Wednesday, April 13, 2016

Coincidences in France and England on April 13?

On April 13, 1598, King Henry IV of France signed the Edict of Nantes, which, as Richard Cavendish explains on the History Today website:

put a temporary end to the ferocious religious wars between Roman Catholics and Protestants which had torn France apart since the 1560s. Of the numerous assassinations and atrocities carried out by both sides, the most notorious was the St Bartholomew’s Day massacre of Protestants in Paris in 1572. The French Calvinists, who were known as Huguenots, were only in a minority in France, but they had created a virtual state within a state and held numerous fortified towns. Now, after skilful persuasion by Catholic diplomats and much hard bargaining, they accepted a document of ninety-two articles granting them a measure of religious toleration as well as social and political equality. Huguenots were to be entitled to worship freely everywhere in France in private, and publicly in some 200 named towns and on the estates of Protestant landowners. They were permitted to inherit property, engage in trade, attend all schools and universities, and be treated in hospitals on the same basis as everyone else. There was a full amnesty for crimes committed during the wars by both sides and in secret articles, signed on May 2nd, the government agreed to pay the Protestant pastors and subsidise the garrisons of some fifty Huguenot fortified towns.

Catholic opponents of the edict were gradually won over and the eventual outcome of what had been virtually a prolonged civil war was the strengthening of the French monarchy, which was able to neutralise the two rival factions. Henry IV, king of the Pyrennean statelet of Navarre, came from a junior branch of the royal Valois dynasty of France. He succeeded to the French throne in 1589 after the murder of his predecessor, Henry III, by a Catholic fanatic. He was the first of the Bourbon kings of France and, though himself a notable Protestant leader, four years after succeeding to the throne he became a Roman Catholic because that was the religion of the great majority of his subjects and, in his famous remark, he considered Paris well worth a mass. Some historians regard the Edict of Nantes as an equally cynical strategem to draw the Huguenot sting, as in fact it did. Protestantism weakened in France after 1598 until eventually Louis XIV’s revocation of the edict in 1685 led to mass emigration of Huguenots to England and other countries.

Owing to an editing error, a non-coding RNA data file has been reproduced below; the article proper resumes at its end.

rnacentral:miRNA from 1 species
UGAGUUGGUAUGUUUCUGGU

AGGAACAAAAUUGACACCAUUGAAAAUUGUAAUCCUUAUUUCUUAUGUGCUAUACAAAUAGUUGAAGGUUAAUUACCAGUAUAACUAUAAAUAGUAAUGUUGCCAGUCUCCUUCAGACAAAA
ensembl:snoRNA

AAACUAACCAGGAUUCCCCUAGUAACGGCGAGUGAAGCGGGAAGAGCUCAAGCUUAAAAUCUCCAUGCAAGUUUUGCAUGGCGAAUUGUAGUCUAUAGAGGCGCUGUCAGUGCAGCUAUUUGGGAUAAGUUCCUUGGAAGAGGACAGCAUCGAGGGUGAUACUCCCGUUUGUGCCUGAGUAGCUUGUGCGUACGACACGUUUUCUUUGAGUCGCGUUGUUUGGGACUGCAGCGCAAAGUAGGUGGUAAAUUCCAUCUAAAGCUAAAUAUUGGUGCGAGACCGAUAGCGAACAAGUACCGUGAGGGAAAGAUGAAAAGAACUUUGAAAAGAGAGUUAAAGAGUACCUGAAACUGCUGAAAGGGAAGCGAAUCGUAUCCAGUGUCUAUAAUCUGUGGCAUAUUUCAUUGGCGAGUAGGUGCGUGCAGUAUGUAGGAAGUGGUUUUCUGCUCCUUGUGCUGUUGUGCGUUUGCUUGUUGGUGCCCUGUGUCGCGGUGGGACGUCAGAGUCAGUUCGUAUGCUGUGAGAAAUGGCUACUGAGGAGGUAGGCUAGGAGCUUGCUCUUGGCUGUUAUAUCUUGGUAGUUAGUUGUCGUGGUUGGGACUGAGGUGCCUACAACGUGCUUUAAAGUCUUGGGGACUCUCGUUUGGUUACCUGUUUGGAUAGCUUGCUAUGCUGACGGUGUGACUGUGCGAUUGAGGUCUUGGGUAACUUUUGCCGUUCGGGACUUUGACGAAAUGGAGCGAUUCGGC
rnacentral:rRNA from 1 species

On April 13, 1829, King George IV of the United Kingdom gave his Royal Assent to the Roman Catholic Relief Act--the Duke of Wellington had threatened to resign if the king did not assent to the legislation.

You might find this research paper on the efforts to grant English Catholics their civil rights interesting:

This paper will primarily address Catholic Emancipation from the mid-eighteenth century to the passage of the Roman Catholic Relief Act in 1829. Catholic Emancipation serves as an interesting example of a pre-twentieth-century civil rights movement. Part I addresses the rise of Catholic repression beginning with Henry VIII’s split with the Catholic Church and continuing to the Glorious Revolution in 1688. Part II examines the legal impediments imposed on Catholics in the years after the Glorious Revolution, as well as the role that informers played in Catholic repression. Part III addresses the role of an activist judiciary as a crucial first step in the process of Catholic Emancipation. This section also addresses the relief provided by the Papists Act of 1778, and the Roman Catholic Relief Act of 1791. This section will also address the Gordon Riots. Part IV deals with the unification with Ireland under the Union with Ireland Act of 1800, the promises made by Prime Minister Pitt to ensure passage in Ireland, and how George III used the Coronation Act of 1688 to refuse Irish Emancipation. Part V addresses the final push for emancipation beginning with the rise of the Catholic Association under Daniel O’Connell and ending with the final passage of the Roman Catholic Relief Act in 1829. Finally, this paper treats briefly the subsequent history of Catholics in the United Kingdom as well as how Catholic Emancipation can be seen as a road map for future civil rights movements.

Isn't it coincidental that two such documents were signed on the same date? Of course, King Henry IV, notwithstanding his conversion to Catholicism, wanted to grant his former co-religionists freedom. King George IV did not want to violate his coronation oath, and he was concerned that Catholic emancipation, would weaken the establishment Church of England.

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